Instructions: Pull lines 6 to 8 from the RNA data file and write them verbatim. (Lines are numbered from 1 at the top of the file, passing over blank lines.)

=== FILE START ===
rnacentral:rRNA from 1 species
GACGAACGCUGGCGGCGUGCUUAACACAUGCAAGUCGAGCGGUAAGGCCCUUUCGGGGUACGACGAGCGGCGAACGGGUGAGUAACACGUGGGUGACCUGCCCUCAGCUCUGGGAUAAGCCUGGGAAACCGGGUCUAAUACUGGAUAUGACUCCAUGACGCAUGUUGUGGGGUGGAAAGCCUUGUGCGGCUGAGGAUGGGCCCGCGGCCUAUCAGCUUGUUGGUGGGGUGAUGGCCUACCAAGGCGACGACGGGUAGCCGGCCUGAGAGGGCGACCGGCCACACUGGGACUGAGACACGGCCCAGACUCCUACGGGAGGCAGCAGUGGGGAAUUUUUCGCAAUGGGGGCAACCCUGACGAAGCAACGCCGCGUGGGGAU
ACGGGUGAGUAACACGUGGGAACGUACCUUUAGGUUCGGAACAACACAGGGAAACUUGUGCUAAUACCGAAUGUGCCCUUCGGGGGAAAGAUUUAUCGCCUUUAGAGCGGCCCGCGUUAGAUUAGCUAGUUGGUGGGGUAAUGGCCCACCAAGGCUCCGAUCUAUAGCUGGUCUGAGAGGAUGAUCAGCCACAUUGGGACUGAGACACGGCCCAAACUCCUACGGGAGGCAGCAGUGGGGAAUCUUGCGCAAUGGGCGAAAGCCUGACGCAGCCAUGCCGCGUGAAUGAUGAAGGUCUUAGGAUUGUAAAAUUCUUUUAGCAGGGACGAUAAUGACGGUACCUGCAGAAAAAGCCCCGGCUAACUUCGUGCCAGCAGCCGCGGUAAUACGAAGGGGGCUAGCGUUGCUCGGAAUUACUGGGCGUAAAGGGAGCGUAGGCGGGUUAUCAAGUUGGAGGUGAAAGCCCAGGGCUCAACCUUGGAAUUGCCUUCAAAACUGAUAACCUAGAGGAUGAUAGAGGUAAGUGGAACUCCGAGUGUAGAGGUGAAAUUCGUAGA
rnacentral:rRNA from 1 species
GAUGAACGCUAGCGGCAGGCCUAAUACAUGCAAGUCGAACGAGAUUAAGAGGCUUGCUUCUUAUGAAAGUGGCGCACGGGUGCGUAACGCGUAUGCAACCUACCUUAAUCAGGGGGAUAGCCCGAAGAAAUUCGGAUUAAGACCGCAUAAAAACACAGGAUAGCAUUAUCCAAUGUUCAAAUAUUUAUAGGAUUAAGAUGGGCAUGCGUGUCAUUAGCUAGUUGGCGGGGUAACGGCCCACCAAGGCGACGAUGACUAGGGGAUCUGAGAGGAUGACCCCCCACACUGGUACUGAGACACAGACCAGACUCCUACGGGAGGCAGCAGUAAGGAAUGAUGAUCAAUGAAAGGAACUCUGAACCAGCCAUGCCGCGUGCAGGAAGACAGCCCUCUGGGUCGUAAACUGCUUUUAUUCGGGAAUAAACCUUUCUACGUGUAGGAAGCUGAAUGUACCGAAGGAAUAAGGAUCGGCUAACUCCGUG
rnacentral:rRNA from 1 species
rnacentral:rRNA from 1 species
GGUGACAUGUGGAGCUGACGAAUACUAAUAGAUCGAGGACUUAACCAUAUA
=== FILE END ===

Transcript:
rnacentral:rRNA from 1 species
rnacentral:rRNA from 1 species
GGUGACAUGUGGAGCUGACGAAUACUAAUAGAUCGAGGACUUAACCAUAUA